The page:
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    ABSTRACT: Currently there are limited treatment options for corneal blindness caused by dysfunctional corneal endothelial cells. The primary treatment involves transplantation of healthy donor human corneal endothelial cells, but a global shortage of donor corneas necessitates other options. Conventional tissue approaches for corneal endothelial cells are based on EDTA-trypsin treatment and run the risk of irreversible endothelial mesenchymal transition by activating canonical Wingless-related integration site (Wnt) and TGF-β signaling. Herein, we demonstrate an alternative strategy that avoids disruption of cell-cell junctions and instead activates Ras homologue gene family A (RhoA)-Rho-associated protein kinase (ROCK)-canonical bone morphogenic protein signaling to reprogram adult human corneal endothelial cells to neural crest-like progenitors via activation of the miR302b-Oct4-Sox2-Nanog network. This approach allowed us to engineer eight human corneal endothelial monolayers of transplantable size, with a normal density and phenotype from one corneoscleral rim. Given that a similar signal network also exists in the retinal pigment epithelium, this partial reprogramming approach may have widespread relevance and potential for treating degenerative diseases.
    The Journal of Cell Biology 09/2014; 206(6). DOI:10.1083/jcb.201404032 · 9.83 Impact Factor
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    • "Whisker follicles are known to serve as a local reservoir of mast cell precursors as it was shown by others that the middle part of dissected whisker follicles is able to produce mast cells in culture when stimulated with the appropriate growth and differentiation factors (Kumamoto et al., 2003). In addition, whisker follicle mesenchymal stem cells, like the cranial neural crest cells from which they are derived, can differentiate into adipocytes in vitro (Wong et al., 2006; Billon et al., 2008). "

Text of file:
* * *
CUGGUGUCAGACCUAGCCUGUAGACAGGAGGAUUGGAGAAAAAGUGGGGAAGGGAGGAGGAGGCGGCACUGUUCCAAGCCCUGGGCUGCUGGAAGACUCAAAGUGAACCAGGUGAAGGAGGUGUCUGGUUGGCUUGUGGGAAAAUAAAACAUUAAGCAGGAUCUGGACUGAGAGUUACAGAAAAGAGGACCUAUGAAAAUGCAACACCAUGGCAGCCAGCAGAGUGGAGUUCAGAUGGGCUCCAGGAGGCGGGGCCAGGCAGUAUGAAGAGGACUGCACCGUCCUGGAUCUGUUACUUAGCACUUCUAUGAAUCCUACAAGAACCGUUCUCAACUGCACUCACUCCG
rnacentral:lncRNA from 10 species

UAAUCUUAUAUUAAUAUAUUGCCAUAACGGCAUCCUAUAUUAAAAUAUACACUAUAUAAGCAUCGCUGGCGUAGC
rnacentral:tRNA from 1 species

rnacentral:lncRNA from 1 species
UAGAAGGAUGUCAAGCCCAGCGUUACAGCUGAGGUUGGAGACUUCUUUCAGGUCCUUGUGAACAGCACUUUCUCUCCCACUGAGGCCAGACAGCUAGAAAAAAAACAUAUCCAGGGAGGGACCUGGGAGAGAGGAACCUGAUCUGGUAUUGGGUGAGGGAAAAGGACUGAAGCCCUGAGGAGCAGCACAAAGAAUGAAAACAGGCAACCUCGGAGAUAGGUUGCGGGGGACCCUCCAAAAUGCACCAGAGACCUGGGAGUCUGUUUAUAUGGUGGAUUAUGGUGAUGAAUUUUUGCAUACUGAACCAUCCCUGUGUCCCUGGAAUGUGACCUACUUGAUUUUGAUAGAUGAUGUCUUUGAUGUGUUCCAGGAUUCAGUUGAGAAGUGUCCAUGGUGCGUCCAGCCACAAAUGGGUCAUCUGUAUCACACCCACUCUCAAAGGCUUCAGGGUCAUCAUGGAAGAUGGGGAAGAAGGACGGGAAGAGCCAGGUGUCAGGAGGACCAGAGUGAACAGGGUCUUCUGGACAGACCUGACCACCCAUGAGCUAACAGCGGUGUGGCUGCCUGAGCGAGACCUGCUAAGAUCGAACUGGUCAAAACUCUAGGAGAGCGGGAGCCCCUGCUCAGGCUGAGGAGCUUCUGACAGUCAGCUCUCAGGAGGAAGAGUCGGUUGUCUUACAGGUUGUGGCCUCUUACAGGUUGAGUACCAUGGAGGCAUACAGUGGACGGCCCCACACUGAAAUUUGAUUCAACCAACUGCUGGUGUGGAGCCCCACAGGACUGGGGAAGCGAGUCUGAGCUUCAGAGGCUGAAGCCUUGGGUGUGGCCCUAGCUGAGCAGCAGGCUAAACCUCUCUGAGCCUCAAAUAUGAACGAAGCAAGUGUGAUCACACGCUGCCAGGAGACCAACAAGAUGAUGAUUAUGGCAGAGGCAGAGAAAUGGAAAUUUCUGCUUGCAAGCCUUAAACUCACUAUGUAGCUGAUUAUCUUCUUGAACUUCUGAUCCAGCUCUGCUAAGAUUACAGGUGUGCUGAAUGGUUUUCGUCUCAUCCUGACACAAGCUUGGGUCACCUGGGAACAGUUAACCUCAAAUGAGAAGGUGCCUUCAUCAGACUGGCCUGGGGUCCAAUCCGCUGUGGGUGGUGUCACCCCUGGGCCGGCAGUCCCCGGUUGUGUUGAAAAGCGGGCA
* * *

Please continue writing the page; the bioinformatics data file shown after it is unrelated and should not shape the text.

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    ABSTRACT: Whisker follicles have multiple stem cell niches, including epidermal stem cells in the bulge as well as neural crest-derived stem cells and mast cell progenitors in the trabecular region. The neural crest-derived stem cells are a pool of melanocyte precursors. Previously, we found that the extracellular matrix glycoproteins tenascin-C and tenascin-W are expressed near CD34-positive cells in the trabecular stem cell niche of mouse whisker follicles. Here, we analyzed whiskers from tenascin-C knockout mice and found intrafollicular adipocytes and supernumerary mast cells. As Wnt/β-catenin signaling promotes melanogenesis and suppresses the differentiation of adipocytes and mast cells, we analyzed β-catenin subcellular localization in the trabecular niche. We found cytoplasmic and nuclear β-catenin in wild-type mice reflecting active Wnt/β-catenin signaling, whereas β-catenin in tenascin-C knockout mice was mostly cell membrane-associated and thus transcriptionally inactive. Furthermore, cells expressing the Wnt/β-catenin target gene cyclin D1 were enriched in the CD34-positive niches of wild-type compared to tenascin-C knockout mice. We then tested the effects of tenascins on this signaling pathway. We found that tenascin-C and tenascin-W can be co-precipitated with Wnt3a. In vitro, substrate bound tenascins promoted β-catenin-mediated transcription in the presence of Wnt3a, presumably due to the sequestration and concentration of Wnt3a near the cell surface. We conclude that the presence of tenascin-C in whiskers assures active Wnt/β-catenin signaling in the niche thereby maintaining the stem cell pool and suppressing aberrant differentiation, while in the knockout mice with reduced Wnt/β-catenin signaling, stem cells from the trabecular niche can differentiate into ectopic adipocytes and mast cells.
    Matrix Biology 09/2014; 40. DOI:10.1016/j.matbio.2014.08.017 · 5.07 Impact Factor